Germany, Greece urge EU reboot in face of populism

Greek Prime Minister Alexis Tsipras, left, shakes hands with German President Frank-Walter Steinmeier prior to their meeting in Athens. (AFP)
Updated 11 October 2018
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Germany, Greece urge EU reboot in face of populism

  • Steinmeier and his host Tsipras called for a new chapter in bilateral relations, to leave behind tensions caused by tough German demands for Greek austerity
  • Tsipras did not mention the thorny issue of war reparations, which Greece has been seeking since the 1990s

ATHENS: German President Frank-Walter Steinmeier and Greek Prime Minister Alexis Tsipras on Thursday urged further European Union integration in the face of rising populism.
Steinmeier and his host also called for a “new chapter” in bilateral relations, to leave behind tensions caused by tough German demands for Greek austerity to accompany EU bailouts for Athens.
Noting Greece is on the front line of migration flows to Europe, Steinmeier said any “consensus” on migration policy “is not possible without solidarity.”
He said he shared Tsipras’ fears over the dangers that nationalism could pose to the future of the bloc.
“We must take steps to convince European citizens that is it possible to emerge, together, from crises — we must keep extreme and populist voices at bay.”
Tsipras said Greece wanted to move on from the “difficult moments between our two countries during the (financial) crisis... and the stereotypes which poison our relations.”
German insistence on financial rigour and eight years of austerity measures to accompany three EU multibillion rescues of the Greek economy soured relations in a country which has not forgotten the Nazi-era occupation during World War II.
“We are at a moment where we can open a new page in our relations,” Steinmeier said.
Relations have improved over the last three years after Tsipras’ government endorsed conditions linked to satisfying its creditors and Tsipras and German Chancellor Angela Merkel also worked closely on finding common ground on migration.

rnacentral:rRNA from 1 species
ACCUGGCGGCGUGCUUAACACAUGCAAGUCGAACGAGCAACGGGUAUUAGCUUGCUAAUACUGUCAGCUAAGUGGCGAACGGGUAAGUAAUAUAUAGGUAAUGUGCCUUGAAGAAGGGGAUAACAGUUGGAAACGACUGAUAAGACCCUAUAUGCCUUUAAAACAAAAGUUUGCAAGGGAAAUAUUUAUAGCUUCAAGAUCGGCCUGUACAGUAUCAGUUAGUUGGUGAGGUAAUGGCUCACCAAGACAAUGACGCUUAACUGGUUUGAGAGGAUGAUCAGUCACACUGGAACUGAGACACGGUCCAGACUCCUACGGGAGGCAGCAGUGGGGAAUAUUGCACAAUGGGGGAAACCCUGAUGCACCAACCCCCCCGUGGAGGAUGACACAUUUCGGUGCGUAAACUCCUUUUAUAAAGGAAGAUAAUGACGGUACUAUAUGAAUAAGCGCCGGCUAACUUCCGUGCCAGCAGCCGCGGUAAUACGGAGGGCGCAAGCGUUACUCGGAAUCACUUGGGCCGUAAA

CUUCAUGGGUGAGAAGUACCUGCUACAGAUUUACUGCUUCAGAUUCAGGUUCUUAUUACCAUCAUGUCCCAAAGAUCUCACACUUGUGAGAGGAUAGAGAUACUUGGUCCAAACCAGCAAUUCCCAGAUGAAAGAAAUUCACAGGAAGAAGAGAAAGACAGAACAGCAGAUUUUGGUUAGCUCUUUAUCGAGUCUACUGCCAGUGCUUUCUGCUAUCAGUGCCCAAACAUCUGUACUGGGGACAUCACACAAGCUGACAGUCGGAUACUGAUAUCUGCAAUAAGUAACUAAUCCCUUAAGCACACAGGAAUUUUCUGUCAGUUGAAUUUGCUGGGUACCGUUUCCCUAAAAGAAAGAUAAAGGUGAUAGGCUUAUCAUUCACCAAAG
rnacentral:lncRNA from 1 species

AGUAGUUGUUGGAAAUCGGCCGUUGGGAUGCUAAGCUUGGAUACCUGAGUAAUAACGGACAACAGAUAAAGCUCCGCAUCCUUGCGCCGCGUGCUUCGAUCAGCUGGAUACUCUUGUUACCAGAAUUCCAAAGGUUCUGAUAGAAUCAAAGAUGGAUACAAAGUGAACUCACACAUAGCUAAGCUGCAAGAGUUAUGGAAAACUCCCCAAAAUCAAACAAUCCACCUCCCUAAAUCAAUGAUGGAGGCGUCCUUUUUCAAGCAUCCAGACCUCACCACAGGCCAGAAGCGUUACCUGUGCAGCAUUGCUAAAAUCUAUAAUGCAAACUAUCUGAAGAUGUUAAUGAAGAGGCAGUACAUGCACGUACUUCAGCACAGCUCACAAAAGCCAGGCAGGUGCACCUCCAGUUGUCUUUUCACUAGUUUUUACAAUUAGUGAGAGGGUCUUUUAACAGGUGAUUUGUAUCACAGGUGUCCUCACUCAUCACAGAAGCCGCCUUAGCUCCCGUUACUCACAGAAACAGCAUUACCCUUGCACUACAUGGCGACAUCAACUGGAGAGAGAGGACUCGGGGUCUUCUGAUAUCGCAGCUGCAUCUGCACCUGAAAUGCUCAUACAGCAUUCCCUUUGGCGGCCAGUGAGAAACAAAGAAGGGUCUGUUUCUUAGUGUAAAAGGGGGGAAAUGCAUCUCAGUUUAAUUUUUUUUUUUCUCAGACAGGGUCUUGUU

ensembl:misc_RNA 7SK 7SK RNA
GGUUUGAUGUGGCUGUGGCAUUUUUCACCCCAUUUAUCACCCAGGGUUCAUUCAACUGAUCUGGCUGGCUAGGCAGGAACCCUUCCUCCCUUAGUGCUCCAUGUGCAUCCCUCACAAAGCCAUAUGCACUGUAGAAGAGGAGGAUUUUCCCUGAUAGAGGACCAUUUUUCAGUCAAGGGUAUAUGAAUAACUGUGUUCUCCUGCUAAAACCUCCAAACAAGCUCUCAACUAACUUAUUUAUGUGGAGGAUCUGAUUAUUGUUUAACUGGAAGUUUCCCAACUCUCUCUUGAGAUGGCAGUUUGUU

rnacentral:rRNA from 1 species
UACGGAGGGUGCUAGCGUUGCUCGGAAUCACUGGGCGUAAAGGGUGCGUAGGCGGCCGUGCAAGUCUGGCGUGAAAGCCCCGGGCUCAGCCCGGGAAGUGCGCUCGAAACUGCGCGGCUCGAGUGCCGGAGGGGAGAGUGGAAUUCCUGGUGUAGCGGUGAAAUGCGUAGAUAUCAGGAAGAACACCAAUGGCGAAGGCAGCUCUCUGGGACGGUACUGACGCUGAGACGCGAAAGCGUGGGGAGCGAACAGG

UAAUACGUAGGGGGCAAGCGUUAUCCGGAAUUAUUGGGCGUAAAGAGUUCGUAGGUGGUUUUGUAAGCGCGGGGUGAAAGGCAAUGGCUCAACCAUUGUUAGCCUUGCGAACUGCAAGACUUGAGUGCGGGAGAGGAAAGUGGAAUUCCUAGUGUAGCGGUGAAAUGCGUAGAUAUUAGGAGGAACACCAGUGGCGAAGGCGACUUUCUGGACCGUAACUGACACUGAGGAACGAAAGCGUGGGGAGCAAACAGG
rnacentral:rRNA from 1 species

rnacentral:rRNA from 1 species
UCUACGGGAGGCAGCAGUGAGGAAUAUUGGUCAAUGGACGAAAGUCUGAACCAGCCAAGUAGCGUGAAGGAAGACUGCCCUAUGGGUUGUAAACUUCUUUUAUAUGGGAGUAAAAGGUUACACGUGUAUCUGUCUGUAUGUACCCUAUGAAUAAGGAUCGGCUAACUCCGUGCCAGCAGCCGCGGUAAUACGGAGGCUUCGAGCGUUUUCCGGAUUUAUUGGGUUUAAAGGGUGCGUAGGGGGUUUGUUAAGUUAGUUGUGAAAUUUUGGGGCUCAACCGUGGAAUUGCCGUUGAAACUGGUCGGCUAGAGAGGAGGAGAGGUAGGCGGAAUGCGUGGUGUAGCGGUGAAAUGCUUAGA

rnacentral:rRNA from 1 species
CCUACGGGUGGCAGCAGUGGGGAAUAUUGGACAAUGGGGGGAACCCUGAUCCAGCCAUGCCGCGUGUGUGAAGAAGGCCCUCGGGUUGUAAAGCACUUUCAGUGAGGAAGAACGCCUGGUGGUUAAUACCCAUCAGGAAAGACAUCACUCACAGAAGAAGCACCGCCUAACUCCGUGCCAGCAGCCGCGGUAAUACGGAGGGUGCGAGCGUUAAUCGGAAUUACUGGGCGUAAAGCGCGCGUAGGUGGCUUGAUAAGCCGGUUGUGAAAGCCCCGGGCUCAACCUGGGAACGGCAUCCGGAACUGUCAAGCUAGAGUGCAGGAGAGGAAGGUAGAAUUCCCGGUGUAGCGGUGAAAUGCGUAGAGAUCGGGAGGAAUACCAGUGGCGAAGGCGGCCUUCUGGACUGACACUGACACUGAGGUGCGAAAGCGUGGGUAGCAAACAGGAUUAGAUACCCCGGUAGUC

Tsipras did not mention the thorny issue of war reparations, which Greece has been seeking since the 1990s, despite the impending publication of a report by his leftist Syriza party understood to want around 270 million euros ($312 million) from Berlin.
However, Steinmeier, who arrived on the eve of the 1944 anniversary of the liberation of Athens, commented that “we ask forgiveness for atrocities” committed and “we do not want to forget the past.”
Berlin’s official position is that the issue was definitively resolved in a previous, wider post-war agreement with a number of countries, including Greece.


Swedish police arrest terrorist suspect with foreign links

Updated 13 December 2018
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Swedish police arrest terrorist suspect with foreign links

STOCKHOLM: Swedish security police said on Thursday they had arrested a person suspected of plotting a terrorist crime as well as illegal weapons possession in a case with connections abroad.
The SAPO security police said they made raids in western Sweden following extensive information-gathering. Several people were being interviewed in addition to the person arrested.
“The person has carried out preparations for the suspected terror crime for some time and there are international connections,” SAPO said, without giving an identity.
Police spokesman Gabriel Wernstedt declined to say which countries the case was linked to, but said the operation had no known links to a gun attack on a Christmas market in Strasbourg on Tuesday. French police are still hunting a man suspected of killing at least two people.
Sweden, where an Uzbek asylum seeker mowed down pedestrians with a truck and killed five people in Stockholm last year, has kept its terrorist threat level unchanged at elevated, which is a three on a scale of five.